Friday, 20 October 2017

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Packing Peanuts

Foam peanuts interlock while packed and openly flow while not compacted. Generally, their size and shape are similar to the peanuts without shell while normally produced through stretched polystyrene foam. A few inches (50–75 mm) of peanuts are normally utilized for padding as well as filling. Packaging peanuts are polystyrene fragments that are incorporated into the packaging of fragile items with the goal to prevent products from moving inside the box during distribution. Some of these peanuts are made from biodegradable materials.

Dow Chemical Company, using 100% virgin polystyrene tar, created polystyrene peanuts around 1965. However, peanuts using 100% reused polystyrene have been available since the mid-90s. Usually green peanuts are 70% or above recycled polystyrene, white peanuts are 70% or above virgin gum, and pink peanuts are antistatic.

In the mid-1990s, environmental-friendly starch-based packing peanuts were produced. The peanuts contain starch originated from crops, as opposed to petroleum-based polystyrene. Starch-based peanuts are biodegradable and dissolve in water. One of the most well known brands of biodegradable peanuts, Biofoam, is produced using the grain sorghum; while other brands are produced using cornstarch. Biodegradable foam peanuts have no electrostatic charge, another advantage over polystyrene. They are also harmless for people and animals if swallowed. Their principle disadvantages are lower versatility, higher weight, dust creation, and higher cost.

Packing peanuts composed of polystyrene, or Styrofoam, are a more lightweight option. However, they are hard to disintegrate. After transfer, they can wind up in a landfill or coasting around the sea for some numerous years.

Biodegradable starch-based packing peanuts might be an all the more ecologically agreeable alternative; however, they do have their impediments. With a higher weight than customary packing peanuts, the eco-friendly rendition expands shipping costs. Creation additionally has higher expenses than conventional packing peanuts, and in a testing economy, numerous shoppers and suppliers will regularly pick diminished expenses over greener, more costly choices. Numerous reusing programs acknowledge Styrofoam packing peanuts, which are reused and coded to show material roots. Green peanuts are produced using no less than 70% reused materials. A few organizations began to make these padding materials with reused plastic, which was a positive initial step. Peanut trades began to emerge also: organizations that got things pressed in peanuts could bring them, sacked, to a trade where organizations that required packing materials could lift them up and reuse them in their own bundles.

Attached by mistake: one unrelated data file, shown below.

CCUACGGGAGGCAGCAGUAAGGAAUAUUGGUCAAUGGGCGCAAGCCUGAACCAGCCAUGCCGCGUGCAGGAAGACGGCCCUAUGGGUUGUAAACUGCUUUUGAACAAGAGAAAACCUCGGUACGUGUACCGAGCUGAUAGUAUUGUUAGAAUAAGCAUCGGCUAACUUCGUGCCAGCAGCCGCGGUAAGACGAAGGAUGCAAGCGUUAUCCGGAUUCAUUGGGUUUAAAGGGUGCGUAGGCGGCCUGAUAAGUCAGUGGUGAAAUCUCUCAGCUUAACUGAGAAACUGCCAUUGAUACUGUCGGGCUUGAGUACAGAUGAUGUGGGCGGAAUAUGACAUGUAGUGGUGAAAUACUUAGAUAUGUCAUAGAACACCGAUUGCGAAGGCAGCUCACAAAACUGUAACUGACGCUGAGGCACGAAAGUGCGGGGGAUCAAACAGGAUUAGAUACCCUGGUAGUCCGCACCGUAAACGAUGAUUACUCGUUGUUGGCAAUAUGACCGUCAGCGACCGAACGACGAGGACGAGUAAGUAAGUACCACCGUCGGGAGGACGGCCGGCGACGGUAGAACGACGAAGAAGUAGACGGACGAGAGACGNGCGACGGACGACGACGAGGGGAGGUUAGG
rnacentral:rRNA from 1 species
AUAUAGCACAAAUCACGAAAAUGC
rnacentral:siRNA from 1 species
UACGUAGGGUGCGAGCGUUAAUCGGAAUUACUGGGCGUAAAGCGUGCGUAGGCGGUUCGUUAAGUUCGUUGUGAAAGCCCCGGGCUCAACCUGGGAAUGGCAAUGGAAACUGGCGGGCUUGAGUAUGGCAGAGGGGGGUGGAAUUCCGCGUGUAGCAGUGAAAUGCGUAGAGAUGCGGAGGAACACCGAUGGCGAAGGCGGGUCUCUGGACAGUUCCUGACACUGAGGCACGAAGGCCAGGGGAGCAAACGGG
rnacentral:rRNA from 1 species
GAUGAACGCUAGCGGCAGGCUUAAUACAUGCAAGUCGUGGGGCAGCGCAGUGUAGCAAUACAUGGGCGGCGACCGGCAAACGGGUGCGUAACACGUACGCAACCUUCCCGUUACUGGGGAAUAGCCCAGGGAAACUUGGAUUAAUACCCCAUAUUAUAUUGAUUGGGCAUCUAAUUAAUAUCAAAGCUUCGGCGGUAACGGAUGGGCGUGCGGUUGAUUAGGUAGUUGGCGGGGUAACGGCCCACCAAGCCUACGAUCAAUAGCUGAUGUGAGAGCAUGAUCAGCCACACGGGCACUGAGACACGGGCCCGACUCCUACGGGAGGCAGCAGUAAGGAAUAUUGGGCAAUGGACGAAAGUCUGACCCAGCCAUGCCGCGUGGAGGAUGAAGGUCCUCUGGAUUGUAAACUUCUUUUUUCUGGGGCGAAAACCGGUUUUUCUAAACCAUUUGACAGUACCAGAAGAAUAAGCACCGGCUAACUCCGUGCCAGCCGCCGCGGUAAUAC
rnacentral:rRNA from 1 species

While packing peanuts are an affordable, lightweight packaging option in the economy, they have negative environmental effects. However, biodegradable packing peanuts are completely biodegradable and have a much better long-term effect on the environment. Realizing the impact that Styrofoam packing peanuts have on the environment, the packaging industry is continuing to come up with new, creative solutions to aid in diminishing the environmental damage that they cause.

References

bioproducts.osu.edu. (2010). Starch-based Packing Peanuts. Retrieved from http://bioproducts.osu.edu/sites/obpic/files/d6/files/starch_based_packing_peanuts.pdf

Engber, D. (2014, 04 25). Who Made That Packing Peanut? Retrieved from http://www.nytimes.com/2014/04/27/magazine/who-made-that-packing-peanut.html?_r=0

Fackler, A. (2010, 09 17). Inside the Secret Science of Packing Material. Retrieved from http://gizmodo.com/5640713/inside-the-secret-science-of-packing-material

hpcorporategroup.com. (n.d.). Pros and Cons of Biodegradable Packing Peanuts. Retrieved from http://www.hpcorporategroup.com/pros-and-cons-of-biodegradable-packing-peanuts.html

wisegeek. (n.d.). what are packing peanuts. Retrieved from http://www.wisegeek.com/what-are-packing-peanuts.htm

 

Feedback from Readers

  • "Fahad derides PS packing peanuts as the least environmentally friendly option. That could not be more wrong. The packing peanut industry relieves landfills of the volume of PS equal to 19 minutes of the captured flow of Niagara Falls. Think about that for a second as a volume kept out of landfills. Starch requires new energy and new raw materials to make. The most glaring problem with Starch that was ignored, is that it is a food source. Rats, Mice and roaches love to call it home. Imagine the shopper who did not order Rats that receives one in their package. The chasing arrows were utilized for recycling for a reason. One being, to consider the entire process in the environmental impact investigation. PS packaging peanuts has done the best job of any product or industry to close the loop through Reduce, Reuse, Recycle." -- Michael P. Lloyd

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